The drug would come from a legal producer in Europe. (The report doesn’t name potential partners, but a likely candidate is DiaMo Narcotics in Switzerland, which already has a presence in Canada via a Toronto-based distributor named Almat Pharmachem.) Then each compassion club member could inject the drug at a designated location—it would make sense to integrate the clubs into existing SCS—or take a small supply of the drug off-site for consumption at home.

The BCCSU recommends keeping barriers to joining these clubs low, arguing against any sort of medicalized model that would require regular meetings with health-care professionals. The report also suggests that each compassion club include complimentary services such as overdose-response training, naloxone distribution, and optional connections to detox, rehab and other treatment options.

Working Within an Existing Legal Framework

Dr. Evan Wood is the BCCSU’s executive director and a co-author of the report. He told Filter that his team’s goals were to find a way to make a regulated supply of heroin available as a relatively safe alternative to street fentanyl, and to do so without requiring changes to existing Canadian laws that forbid trafficking and possession of illicit narcotics.

They found two possible answers to this challenge, Wood continued.

The first is what’s known in Canada as a “Section 56 exemption.” Section 56 of Canada’s Controlled Drugs and Substances Act allows the federal government to exempt “any person or class of persons” from criminal penalties related to drugs if “the exemption is necessary for a medical or scientific purpose or is otherwise in the public interest.” (The same exemption has allowed North America’s first legal SCS, Insite, to operate without breaking the law since it opened in Vancouver in 2003.)

The second legal option is Canada’s Drugs for Urgent Public Health Need (UPHN) program. It allows health officials to request to import a drug that is not available through regular channels if there is an “urgent public health need for the immediate use of the drug”.

Wood said that either of these options could be combined with a research component to allow a heroin compassion club to operate without breaking the law.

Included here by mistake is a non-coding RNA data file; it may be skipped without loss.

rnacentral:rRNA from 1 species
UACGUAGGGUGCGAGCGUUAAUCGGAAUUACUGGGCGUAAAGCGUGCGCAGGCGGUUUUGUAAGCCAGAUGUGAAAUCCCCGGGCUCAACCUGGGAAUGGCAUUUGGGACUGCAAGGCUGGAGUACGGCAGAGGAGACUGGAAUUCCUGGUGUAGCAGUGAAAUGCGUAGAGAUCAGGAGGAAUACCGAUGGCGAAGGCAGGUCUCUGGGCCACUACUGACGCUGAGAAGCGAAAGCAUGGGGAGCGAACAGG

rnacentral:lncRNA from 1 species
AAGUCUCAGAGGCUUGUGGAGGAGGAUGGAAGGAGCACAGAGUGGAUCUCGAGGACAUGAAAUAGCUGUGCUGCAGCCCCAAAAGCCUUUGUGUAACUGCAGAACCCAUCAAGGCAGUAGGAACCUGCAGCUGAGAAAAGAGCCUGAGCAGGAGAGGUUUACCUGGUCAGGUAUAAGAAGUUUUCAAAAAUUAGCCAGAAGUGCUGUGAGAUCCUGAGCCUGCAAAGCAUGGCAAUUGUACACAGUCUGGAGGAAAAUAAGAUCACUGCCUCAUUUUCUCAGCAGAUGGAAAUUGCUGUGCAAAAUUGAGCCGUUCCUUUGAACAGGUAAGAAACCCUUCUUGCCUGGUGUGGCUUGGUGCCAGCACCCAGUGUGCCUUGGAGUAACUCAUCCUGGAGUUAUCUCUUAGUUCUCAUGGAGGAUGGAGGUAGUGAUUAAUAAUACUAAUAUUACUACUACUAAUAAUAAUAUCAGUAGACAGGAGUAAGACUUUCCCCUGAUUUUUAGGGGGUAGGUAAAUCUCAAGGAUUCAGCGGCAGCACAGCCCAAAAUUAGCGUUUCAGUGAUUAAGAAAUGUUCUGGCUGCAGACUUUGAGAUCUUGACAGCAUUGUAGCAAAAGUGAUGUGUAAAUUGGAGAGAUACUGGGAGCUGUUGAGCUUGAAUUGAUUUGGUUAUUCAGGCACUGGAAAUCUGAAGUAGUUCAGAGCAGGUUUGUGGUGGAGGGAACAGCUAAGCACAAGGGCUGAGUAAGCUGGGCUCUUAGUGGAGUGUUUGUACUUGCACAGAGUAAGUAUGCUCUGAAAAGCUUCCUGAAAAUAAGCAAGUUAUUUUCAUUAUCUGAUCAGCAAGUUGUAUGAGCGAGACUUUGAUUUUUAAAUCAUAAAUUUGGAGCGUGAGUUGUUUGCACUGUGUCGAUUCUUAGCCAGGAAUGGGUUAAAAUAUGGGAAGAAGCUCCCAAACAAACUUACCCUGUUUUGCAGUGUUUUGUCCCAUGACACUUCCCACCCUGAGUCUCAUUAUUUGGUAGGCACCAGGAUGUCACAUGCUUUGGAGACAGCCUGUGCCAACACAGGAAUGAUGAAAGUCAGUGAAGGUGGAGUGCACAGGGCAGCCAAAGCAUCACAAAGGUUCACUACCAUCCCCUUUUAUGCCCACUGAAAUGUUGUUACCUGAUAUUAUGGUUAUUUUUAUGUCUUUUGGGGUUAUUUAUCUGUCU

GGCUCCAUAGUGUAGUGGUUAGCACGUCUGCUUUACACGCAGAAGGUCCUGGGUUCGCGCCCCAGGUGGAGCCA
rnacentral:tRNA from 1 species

“An evaluation creates an opportunity for British Columbia to go ahead with something like this without requiring a federal health minister to stand up and say, ‘We’re legalizing heroin’,” Wood said. “This is an opportunity to do something like this…with the federal government essentially just staying out of the way.”

Most Heroin Users Don’t Want Fentanyl

With supply theoretically covered, another question the BCCSU sought to answer concerns the demand side of the market. Would potential members of a buyers club want heroin?

In a separate interview, Erica Thomson, another co-author of the report, told Filter there’s a perception that people who use drugs always seek the most potent substance available, which, with opioids, means fentanyl or carfentanil. But Thompson maintains that is a bit of a myth.

She explained that in her work as a peer coordinator for a regional health authority, she speaks every day with people who use drugs. Most have consistently told her that the only reason they are using fentanyl is because it is the only opioid dealers are selling.

“This is the piece that worked for me. That comfort.”

Thomson said that anecdotally, there are key differences between fentanyl and heroin that have left many people addicted to opioids struggling with pain. Not physical pain or symptoms of withdrawal—fentanyl takes care of those issues just as well as heroin, Thomson said. Where fentanyl falls short is  is in situations where people are using opioids to self-medicate past trauma or emotional pain.